A South African Giant

Job 40:15

“Behold now behemoth, which I made with thee; he eateth grass as an ox.”

New dinosaur discoveries are always interesting. So, in the week that I write this script, another new dinosaur has been discovered, this time in South Africa. Ledumahadi mafube probably weighed about 12 tons, which would make it about twice the size of an elephant, and was discovered in Free State Province. Discoverers have suggested that it is an ancestor of the sauropod dinosaurs. It is a lot smaller than the sauropod giants, such as brachiosaurus – thought to have been 32 tons.

The ScienceDaily article, announcing this find, has some interesting use of language. The discoverers date this creature at 200 million years ago, whereas brachiosaurus has an evolutionary date of 154 million years. Therefore, ledumahadi is considered older than other sauropods, and the relative shortness and width of its legs led the ScienceDaily writers to suggest that it was “evolutionary ‘experiment’ with giant body size”.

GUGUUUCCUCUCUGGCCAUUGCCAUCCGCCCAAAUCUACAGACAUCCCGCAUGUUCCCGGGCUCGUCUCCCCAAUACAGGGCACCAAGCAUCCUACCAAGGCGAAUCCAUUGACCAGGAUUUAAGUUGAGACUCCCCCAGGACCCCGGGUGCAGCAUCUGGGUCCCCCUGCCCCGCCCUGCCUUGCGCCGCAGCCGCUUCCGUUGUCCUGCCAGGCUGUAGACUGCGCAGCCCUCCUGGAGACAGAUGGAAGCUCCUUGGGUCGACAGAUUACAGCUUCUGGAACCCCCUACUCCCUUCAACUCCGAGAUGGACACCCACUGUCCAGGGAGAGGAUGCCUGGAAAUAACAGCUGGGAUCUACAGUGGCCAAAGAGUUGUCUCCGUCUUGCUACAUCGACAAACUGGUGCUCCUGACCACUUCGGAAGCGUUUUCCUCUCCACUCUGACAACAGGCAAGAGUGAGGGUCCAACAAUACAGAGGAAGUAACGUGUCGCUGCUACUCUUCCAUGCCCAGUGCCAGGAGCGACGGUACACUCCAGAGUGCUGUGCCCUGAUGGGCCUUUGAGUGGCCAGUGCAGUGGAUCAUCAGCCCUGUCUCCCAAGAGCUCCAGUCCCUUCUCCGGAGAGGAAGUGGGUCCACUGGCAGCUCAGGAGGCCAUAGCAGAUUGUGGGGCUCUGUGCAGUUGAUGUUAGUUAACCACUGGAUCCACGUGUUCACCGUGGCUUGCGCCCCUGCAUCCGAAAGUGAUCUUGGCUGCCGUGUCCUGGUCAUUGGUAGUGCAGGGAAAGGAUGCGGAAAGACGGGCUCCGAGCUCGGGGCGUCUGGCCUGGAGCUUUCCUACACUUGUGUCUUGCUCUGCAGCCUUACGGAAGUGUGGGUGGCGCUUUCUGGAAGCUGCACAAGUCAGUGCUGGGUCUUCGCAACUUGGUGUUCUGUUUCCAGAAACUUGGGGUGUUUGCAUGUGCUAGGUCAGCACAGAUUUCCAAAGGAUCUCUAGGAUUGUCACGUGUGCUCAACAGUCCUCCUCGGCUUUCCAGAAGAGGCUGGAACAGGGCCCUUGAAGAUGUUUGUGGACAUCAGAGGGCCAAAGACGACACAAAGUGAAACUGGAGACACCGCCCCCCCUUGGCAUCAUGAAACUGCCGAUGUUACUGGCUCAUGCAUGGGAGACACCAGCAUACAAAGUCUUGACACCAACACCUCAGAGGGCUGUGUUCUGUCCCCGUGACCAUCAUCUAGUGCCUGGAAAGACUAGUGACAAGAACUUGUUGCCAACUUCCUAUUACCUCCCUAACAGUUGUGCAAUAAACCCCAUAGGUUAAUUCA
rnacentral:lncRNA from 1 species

This idea of an evolutionary experiment is interesting because evolutionists insist that evolution proceeds by the natural selection of favorable mutations, which include new genetic information. This reification of a supposed random event underscores the paucity of evolutionary evidence. One researcher commented, “The way that these animals solved the usual problems of life, such as eating and moving, was much more dynamic within the group than previously thought.” Such a statement suggests a purpose behind the alleged evolutionary changes in dinosaurs, even though they believe in a random purposeless process. But God had His purpose for everything that He had made.    Author: Paul F. Taylor

We praise You, Lord God our Creator, for the amazing diversity of the creatures that You have made. Amen.

Ref: University of the Witwatersrand. “Ledumahadi mafube: South Africa’s new jurassic giant.” ScienceDaily, 27 September 2018. <www.sciencedaily.com/releases/2018/09/180927123017.htm>. Image: Brachiosaurus, Nobu Tamoru, CC BY-SA 4.0.